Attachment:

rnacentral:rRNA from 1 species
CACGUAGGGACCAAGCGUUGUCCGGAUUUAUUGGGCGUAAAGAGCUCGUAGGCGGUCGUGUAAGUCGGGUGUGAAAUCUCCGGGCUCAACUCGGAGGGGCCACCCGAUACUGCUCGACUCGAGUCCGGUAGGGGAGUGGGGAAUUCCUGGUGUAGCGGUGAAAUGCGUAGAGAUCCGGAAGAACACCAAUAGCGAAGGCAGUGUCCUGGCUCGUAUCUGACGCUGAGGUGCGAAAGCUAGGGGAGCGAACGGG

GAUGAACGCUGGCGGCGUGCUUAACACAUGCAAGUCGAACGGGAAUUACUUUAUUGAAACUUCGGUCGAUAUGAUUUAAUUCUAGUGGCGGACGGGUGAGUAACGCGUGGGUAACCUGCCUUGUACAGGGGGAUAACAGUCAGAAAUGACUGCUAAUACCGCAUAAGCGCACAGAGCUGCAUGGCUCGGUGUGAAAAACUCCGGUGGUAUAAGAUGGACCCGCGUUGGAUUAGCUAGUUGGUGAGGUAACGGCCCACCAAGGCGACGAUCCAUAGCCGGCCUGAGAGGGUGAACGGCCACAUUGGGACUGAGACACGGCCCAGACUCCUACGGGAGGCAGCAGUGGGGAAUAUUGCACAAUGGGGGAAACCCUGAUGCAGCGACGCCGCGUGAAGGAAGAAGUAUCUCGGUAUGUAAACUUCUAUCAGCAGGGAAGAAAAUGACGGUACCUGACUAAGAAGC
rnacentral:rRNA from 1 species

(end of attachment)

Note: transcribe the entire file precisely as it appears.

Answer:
rnacentral:rRNA from 1 species
CACGUAGGGACCAAGCGUUGUCCGGAUUUAUUGGGCGUAAAGAGCUCGUAGGCGGUCGUGUAAGUCGGGUGUGAAAUCUCCGGGCUCAACUCGGAGGGGCCACCCGAUACUGCUCGACUCGAGUCCGGUAGGGGAGUGGGGAAUUCCUGGUGUAGCGGUGAAAUGCGUAGAGAUCCGGAAGAACACCAAUAGCGAAGGCAGUGUCCUGGCUCGUAUCUGACGCUGAGGUGCGAAAGCUAGGGGAGCGAACGGG

GAUGAACGCUGGCGGCGUGCUUAACACAUGCAAGUCGAACGGGAAUUACUUUAUUGAAACUUCGGUCGAUAUGAUUUAAUUCUAGUGGCGGACGGGUGAGUAACGCGUGGGUAACCUGCCUUGUACAGGGGGAUAACAGUCAGAAAUGACUGCUAAUACCGCAUAAGCGCACAGAGCUGCAUGGCUCGGUGUGAAAAACUCCGGUGGUAUAAGAUGGACCCGCGUUGGAUUAGCUAGUUGGUGAGGUAACGGCCCACCAAGGCGACGAUCCAUAGCCGGCCUGAGAGGGUGAACGGCCACAUUGGGACUGAGACACGGCCCAGACUCCUACGGGAGGCAGCAGUGGGGAAUAUUGCACAAUGGGGGAAACCCUGAUGCAGCGACGCCGCGUGAAGGAAGAAGUAUCUCGGUAUGUAAACUUCUAUCAGCAGGGAAGAAAAUGACGGUACCUGACUAAGAAGC
rnacentral:rRNA from 1 species